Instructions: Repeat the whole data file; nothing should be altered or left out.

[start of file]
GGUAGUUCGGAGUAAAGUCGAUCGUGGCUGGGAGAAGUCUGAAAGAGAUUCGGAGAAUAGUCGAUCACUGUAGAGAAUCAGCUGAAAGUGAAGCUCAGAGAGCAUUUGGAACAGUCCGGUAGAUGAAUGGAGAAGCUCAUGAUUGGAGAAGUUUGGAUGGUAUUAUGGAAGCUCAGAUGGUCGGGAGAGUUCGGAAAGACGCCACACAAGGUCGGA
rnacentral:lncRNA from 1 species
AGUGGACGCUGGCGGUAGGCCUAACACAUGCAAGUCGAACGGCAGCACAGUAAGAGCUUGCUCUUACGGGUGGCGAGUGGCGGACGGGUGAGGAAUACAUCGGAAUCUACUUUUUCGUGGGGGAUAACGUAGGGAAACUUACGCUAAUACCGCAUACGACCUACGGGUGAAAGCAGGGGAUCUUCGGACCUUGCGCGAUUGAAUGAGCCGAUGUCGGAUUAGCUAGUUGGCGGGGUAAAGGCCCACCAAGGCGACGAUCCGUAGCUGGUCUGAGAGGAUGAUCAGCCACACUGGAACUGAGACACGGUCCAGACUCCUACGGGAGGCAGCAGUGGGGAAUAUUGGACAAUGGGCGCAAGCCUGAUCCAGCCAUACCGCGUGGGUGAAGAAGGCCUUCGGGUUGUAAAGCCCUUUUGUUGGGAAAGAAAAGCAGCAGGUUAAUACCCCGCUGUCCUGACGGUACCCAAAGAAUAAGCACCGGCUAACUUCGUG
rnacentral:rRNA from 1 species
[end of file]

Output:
GGUAGUUCGGAGUAAAGUCGAUCGUGGCUGGGAGAAGUCUGAAAGAGAUUCGGAGAAUAGUCGAUCACUGUAGAGAAUCAGCUGAAAGUGAAGCUCAGAGAGCAUUUGGAACAGUCCGGUAGAUGAAUGGAGAAGCUCAUGAUUGGAGAAGUUUGGAUGGUAUUAUGGAAGCUCAGAUGGUCGGGAGAGUUCGGAAAGACGCCACACAAGGUCGGA
rnacentral:lncRNA from 1 species
AGUGGACGCUGGCGGUAGGCCUAACACAUGCAAGUCGAACGGCAGCACAGUAAGAGCUUGCUCUUACGGGUGGCGAGUGGCGGACGGGUGAGGAAUACAUCGGAAUCUACUUUUUCGUGGGGGAUAACGUAGGGAAACUUACGCUAAUACCGCAUACGACCUACGGGUGAAAGCAGGGGAUCUUCGGACCUUGCGCGAUUGAAUGAGCCGAUGUCGGAUUAGCUAGUUGGCGGGGUAAAGGCCCACCAAGGCGACGAUCCGUAGCUGGUCUGAGAGGAUGAUCAGCCACACUGGAACUGAGACACGGUCCAGACUCCUACGGGAGGCAGCAGUGGGGAAUAUUGGACAAUGGGCGCAAGCCUGAUCCAGCCAUACCGCGUGGGUGAAGAAGGCCUUCGGGUUGUAAAGCCCUUUUGUUGGGAAAGAAAAGCAGCAGGUUAAUACCCCGCUGUCCUGACGGUACCCAAAGAAUAAGCACCGGCUAACUUCGUG
rnacentral:rRNA from 1 species